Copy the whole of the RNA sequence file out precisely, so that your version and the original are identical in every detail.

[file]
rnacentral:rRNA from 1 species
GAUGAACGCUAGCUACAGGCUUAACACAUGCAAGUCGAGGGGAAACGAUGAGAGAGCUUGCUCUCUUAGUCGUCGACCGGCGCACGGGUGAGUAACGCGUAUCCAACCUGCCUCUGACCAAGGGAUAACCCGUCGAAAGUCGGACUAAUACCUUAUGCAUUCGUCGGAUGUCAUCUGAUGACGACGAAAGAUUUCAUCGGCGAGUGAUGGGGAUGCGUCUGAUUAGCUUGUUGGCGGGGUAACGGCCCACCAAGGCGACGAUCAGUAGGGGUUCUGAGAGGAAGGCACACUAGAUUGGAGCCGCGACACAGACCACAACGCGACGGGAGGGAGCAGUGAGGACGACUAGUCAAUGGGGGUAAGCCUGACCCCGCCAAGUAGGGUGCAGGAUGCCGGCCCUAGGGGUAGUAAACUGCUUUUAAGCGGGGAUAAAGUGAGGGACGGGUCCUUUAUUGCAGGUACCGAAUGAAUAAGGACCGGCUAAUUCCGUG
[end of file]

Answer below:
rnacentral:rRNA from 1 species
GAUGAACGCUAGCUACAGGCUUAACACAUGCAAGUCGAGGGGAAACGAUGAGAGAGCUUGCUCUCUUAGUCGUCGACCGGCGCACGGGUGAGUAACGCGUAUCCAACCUGCCUCUGACCAAGGGAUAACCCGUCGAAAGUCGGACUAAUACCUUAUGCAUUCGUCGGAUGUCAUCUGAUGACGACGAAAGAUUUCAUCGGCGAGUGAUGGGGAUGCGUCUGAUUAGCUUGUUGGCGGGGUAACGGCCCACCAAGGCGACGAUCAGUAGGGGUUCUGAGAGGAAGGCACACUAGAUUGGAGCCGCGACACAGACCACAACGCGACGGGAGGGAGCAGUGAGGACGACUAGUCAAUGGGGGUAAGCCUGACCCCGCCAAGUAGGGUGCAGGAUGCCGGCCCUAGGGGUAGUAAACUGCUUUUAAGCGGGGAUAAAGUGAGGGACGGGUCCUUUAUUGCAGGUACCGAAUGAAUAAGGACCGGCUAAUUCCGUG